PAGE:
Volunteers offer Christmas meals

While stockings were hung by the chimney with care on Tuesday, many Sonomans were preparing food with care in readiness for charitable activities Christmas Day.

The largest single such event may be the Christmas dinner at Vintage House senior center, where nearly 250 meals were prepared: 170 to be served in-house, including 40 for the volunteers on hand, plus another 75 or so to be delivered to people’s homes.

“The volunteer chefs are there preparing the turkeys for tomorrow,” said Marissa Fitrakis, Vintage House’s program and volunteer coordinator, on Tuesday morning. The work included stuffing and marinating the birds, chopping onions, celery and string beans, and “washing everything to prepare for tomorrow.”

Volunteers also were setting the dining room for 170 Christmas Day celebrants, and lining boxes with foil for the takeout meals, to be picked up and delivered by Kiwanis Club members in the early afternoon Wednesday.

Though they planned to send out 75 meals, “It’s not 75 different houses necessarily, it could be two or three (meals) to a house,” Fitrakis noted.

She added that even though Vintage House requests RSVPs, volunteers won’t turn anyone away on Christmas Day. Doors opened at 3 p.m.

“There’s not a charge for the meals,” Fitrakis said, “but we do take donations.”

Elsewhere in Sonoma, Christmas elves were similarly busy. At Trinity Episcopal Church, Meals on Wheels volunteers made arrangements for several meals to be sent out Christmas morning to the region’s less fortunate.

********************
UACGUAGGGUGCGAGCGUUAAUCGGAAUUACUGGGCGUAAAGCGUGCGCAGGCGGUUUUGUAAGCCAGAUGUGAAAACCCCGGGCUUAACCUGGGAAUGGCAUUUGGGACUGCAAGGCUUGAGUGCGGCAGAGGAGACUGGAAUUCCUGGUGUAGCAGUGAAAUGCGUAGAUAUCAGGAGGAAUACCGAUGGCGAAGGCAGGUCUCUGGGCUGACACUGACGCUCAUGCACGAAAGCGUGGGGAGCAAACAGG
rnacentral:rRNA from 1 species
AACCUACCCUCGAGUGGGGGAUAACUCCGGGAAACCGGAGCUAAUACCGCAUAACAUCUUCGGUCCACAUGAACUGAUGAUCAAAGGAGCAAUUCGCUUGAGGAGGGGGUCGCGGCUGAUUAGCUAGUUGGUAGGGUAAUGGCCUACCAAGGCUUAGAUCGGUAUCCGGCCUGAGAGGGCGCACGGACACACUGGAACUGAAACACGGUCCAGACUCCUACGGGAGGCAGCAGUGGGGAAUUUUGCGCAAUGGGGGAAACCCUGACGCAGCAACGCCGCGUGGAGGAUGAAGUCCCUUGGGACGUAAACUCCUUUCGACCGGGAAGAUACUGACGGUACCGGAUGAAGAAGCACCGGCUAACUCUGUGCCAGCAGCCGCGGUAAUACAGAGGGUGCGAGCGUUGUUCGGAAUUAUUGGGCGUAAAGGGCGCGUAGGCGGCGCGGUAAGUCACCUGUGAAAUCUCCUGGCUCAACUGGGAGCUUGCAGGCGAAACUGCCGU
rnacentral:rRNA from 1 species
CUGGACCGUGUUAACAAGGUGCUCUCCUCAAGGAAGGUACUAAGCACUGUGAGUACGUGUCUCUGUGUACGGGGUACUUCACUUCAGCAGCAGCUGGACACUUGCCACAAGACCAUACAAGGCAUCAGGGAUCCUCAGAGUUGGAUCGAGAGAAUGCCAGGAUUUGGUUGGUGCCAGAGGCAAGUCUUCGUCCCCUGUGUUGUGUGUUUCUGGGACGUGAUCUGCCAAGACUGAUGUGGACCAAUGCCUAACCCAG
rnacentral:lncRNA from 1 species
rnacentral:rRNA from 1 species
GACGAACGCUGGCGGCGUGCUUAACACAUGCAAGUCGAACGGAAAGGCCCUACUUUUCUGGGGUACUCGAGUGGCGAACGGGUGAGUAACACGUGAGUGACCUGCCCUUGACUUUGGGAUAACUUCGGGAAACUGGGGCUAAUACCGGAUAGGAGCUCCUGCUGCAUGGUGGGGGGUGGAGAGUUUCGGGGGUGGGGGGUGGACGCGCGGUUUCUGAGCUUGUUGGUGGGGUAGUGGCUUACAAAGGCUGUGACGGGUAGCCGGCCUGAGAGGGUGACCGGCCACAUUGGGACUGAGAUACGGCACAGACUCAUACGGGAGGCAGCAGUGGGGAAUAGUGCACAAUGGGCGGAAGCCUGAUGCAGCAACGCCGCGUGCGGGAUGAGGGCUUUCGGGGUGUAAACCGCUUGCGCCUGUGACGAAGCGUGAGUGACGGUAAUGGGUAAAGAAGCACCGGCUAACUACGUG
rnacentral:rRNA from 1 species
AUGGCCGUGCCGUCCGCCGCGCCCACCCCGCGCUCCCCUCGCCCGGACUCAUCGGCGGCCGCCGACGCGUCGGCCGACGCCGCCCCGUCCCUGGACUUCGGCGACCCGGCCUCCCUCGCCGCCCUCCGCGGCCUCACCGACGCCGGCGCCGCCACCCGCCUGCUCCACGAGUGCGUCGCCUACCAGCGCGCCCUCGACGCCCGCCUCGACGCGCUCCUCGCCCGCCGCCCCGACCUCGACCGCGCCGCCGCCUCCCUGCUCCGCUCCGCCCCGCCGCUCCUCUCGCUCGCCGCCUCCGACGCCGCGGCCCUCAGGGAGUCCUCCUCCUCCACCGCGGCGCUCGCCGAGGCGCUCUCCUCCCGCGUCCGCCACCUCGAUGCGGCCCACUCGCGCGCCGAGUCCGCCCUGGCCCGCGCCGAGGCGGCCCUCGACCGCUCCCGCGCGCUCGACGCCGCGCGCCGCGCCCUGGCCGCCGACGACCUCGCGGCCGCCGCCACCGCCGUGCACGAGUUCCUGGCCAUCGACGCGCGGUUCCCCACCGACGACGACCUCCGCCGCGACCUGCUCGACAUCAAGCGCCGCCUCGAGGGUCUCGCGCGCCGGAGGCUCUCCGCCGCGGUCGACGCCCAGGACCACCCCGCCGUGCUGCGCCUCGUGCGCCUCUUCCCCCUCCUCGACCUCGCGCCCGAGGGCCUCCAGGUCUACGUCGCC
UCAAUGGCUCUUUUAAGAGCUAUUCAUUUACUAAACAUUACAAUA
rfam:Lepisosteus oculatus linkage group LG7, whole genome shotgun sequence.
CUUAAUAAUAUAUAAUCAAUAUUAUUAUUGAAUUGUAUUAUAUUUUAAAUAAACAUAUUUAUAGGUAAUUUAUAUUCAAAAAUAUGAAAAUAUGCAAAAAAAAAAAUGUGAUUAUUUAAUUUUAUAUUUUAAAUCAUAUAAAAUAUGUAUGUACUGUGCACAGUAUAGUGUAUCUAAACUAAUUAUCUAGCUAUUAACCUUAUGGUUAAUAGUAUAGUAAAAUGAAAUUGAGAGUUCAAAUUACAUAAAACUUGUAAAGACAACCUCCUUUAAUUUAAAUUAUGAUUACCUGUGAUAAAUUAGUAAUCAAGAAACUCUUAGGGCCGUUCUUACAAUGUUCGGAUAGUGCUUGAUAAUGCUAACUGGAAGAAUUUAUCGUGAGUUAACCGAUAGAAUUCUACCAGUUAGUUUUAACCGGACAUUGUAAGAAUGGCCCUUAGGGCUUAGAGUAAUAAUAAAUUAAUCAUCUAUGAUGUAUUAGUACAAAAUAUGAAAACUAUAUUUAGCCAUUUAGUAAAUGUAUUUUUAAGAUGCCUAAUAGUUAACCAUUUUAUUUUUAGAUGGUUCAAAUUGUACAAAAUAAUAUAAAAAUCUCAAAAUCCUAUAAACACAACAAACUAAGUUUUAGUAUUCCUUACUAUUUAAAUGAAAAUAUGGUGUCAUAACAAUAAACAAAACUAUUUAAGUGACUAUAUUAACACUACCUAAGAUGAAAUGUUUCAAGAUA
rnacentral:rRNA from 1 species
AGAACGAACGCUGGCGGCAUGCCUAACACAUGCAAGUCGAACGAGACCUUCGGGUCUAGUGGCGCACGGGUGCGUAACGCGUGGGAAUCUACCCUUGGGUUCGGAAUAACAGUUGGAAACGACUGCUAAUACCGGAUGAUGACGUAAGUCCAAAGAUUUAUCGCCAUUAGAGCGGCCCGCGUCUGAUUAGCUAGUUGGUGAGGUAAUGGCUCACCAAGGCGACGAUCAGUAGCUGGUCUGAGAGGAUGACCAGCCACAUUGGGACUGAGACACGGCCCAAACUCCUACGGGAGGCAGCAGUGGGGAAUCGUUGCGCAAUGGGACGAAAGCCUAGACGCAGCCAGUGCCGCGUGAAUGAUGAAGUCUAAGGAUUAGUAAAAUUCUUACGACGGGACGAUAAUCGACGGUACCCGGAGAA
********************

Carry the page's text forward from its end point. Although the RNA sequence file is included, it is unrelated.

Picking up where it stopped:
“Meals on Wheels serves Monday through Friday all year long,” said Mary Evelyn Arnold. “So we make no exceptions for Christmas or Thanksgiving, we serve all of those meals.”

Still, an exception was made for the Christmas Day delivery in that its contents were “extra fabulous,” as Arnold put it, with filet mignon, shrimp cocktail, wine and a “special breakfast bag.” (For a complete list of the offerings, see Kathleen Hill’s column on page B1.) Even a gift, in the form of a donated book, was included in the package.

On a normal day, Arnold said, Meals on Wheels serves about 60 people – but many clients were with family on Christmas, so the tally was down to three-dozen.

Of course, people need help for the entire season, not just Christmas Day, and the charitable group Brown Baggers has been working diligently to deliver that help.

“Brown Baggers was part of the Adopt a Family (event), and we put on a dinner for under-housed, underprivileged people” the previous week, said volunteer Jude Sales.

“It was wonderful, it always is,” she added. “Everyone was well fed and had a wonderful time.”

As for this week, the volunteers took Christmas off but planned to open their regular soup kitchen on Friday at the La Luz facility from 4 to 6 p.m. That’s just one of several venues the Brown Bagger volunteers use – they also serve food at the Grange on Wednesdays and at St. Leo’s Catholic Church on Mondays and Thursdays. (A representative of La Luz said the facility, located at 17560 Greger St., will be otherwise closed until Jan. 2.)

Some of Sonoma’s neediest residents were at Sonoma Overnight Support homeless shelter on Christmas Day, enjoying a good meal thanks to an unknown benefactor.

“We had an anonymous donor donate a turkey dinner from Whole Foods,” said shelter case manager Susana Romo on Tuesday. “Actually, that was dropped off seconds ago.”

Romo said her facility would be in full swing Christmas Day, adding that “It’ll be nice and quiet and hopefully uneventful.”

She said the shelter, which is mostly advertised by word of mouth, is close to becoming overfull. Currently she has 13 residents there, but “our day users are also invited to dinner” on Christmas.

“Little by little, we’re getting bigger and bigger, but I still only have one shower, I only have one washer and dryer,” she said.

Hopefully, the shelter and other charitable groups and facilities will continue to get the help they need thanks to philanthropic locals.

“The holiday dinners are definitely a big deal. And it takes a lot of volunteers,” noted Fitrakis. And yet, she said, the Vintage House had to turn away volunteers.

“This community is really generous,” she said. “We’re very grateful.”